Tiras Wade didn’t exhibit his scoring ability, often being the 3rd or 4th option on offense. Like Homan, didn’t show NBA caliber ability to stick on a roster through his defense, aggressiveness getting to the hoop, or his midrange shot.

Matt Walsh from the University of Florida, started at both SG and PG for Miami. He had trouble initiating the offense under full-court pressure and it was clear he’s going to be a spot-up shooter at the NBA level for the time being.


He has a quick release, but doesn’t always seem to follow through properly when shooting behind the arc. He's an unselfish player, but not a player who can defend his position at the NBA level.

Dorrell Wright didn't play much because he got his teeth knocked out by Von Wafer, swinging his elbows through to "swing/dribble." Dorrell was playing far too tight at the 3pt. line.

Qyntel Woods had a solid showing but nothing explosive. He got rejected by Andrew Bynum on a baseline drive for a dunk, his best blocked shot of the Summer Pro League.


He really needs to work on decision-making, focusing too much on one-on-one play and athletic ability instead of being efficient and working within the team concept. He'd find himself a crowd by the time got to the paint and it led to some poor shots.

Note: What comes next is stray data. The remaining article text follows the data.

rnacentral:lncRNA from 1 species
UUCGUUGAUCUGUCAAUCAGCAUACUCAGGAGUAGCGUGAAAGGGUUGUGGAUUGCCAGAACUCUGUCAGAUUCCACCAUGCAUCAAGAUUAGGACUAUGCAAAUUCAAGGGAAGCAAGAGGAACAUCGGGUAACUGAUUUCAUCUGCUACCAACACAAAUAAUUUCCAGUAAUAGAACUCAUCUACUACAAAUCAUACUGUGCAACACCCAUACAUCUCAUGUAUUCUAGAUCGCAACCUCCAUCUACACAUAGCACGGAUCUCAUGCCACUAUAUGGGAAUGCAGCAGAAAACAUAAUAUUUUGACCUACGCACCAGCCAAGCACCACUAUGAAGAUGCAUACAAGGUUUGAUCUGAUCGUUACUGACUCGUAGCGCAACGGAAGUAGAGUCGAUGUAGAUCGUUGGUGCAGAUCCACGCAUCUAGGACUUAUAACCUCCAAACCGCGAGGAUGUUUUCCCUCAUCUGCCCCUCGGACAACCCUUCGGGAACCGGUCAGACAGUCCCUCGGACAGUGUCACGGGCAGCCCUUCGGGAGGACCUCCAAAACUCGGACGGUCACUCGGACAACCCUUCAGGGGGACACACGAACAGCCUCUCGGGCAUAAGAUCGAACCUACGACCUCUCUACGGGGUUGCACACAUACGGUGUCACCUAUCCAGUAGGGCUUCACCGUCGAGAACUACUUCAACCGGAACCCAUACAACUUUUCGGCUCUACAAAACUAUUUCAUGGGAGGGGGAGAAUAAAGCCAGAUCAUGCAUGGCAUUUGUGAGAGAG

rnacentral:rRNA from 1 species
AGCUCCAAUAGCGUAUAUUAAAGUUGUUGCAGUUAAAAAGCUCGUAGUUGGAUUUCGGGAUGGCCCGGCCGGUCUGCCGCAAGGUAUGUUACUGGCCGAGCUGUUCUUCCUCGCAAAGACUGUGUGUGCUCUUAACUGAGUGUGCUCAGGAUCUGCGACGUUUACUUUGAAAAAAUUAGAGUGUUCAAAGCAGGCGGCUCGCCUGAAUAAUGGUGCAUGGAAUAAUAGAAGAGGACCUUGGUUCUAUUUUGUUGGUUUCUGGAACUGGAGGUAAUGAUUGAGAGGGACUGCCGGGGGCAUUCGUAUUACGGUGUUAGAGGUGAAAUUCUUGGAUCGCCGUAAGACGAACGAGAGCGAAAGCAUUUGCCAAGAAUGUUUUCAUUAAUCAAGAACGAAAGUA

Andrew Bynum is a raw center. He clearly needs work on fundamentals such as boxing out consistently, help rotation on defense for a blocked shot, footwork in the paint, jumphook, midrange jumpshot, and a drop step. Surprisingly, he was fairly successful despite his raw abilities. He’d utilize a drop step and set himself up in position to dunk. When faced against a strong man-defender, he struggled to create a shot in the post often getting his shot blocked by smaller players. With his athleticism and decent hoop IQ, he should be a quality center in years to come.

Ronny Turiaf quickly became a fan favorite of the Summer Pro League. He often got into foul trouble with charge calls, bumping guys in the paint for rebounding, hustling for loose balls, and reaching in on defense. His post skill is limited and he likes to utilize the drop step the most. He exhibited good ability to throw a post pass from 15’ and has a decent midrange shot that could use improvement.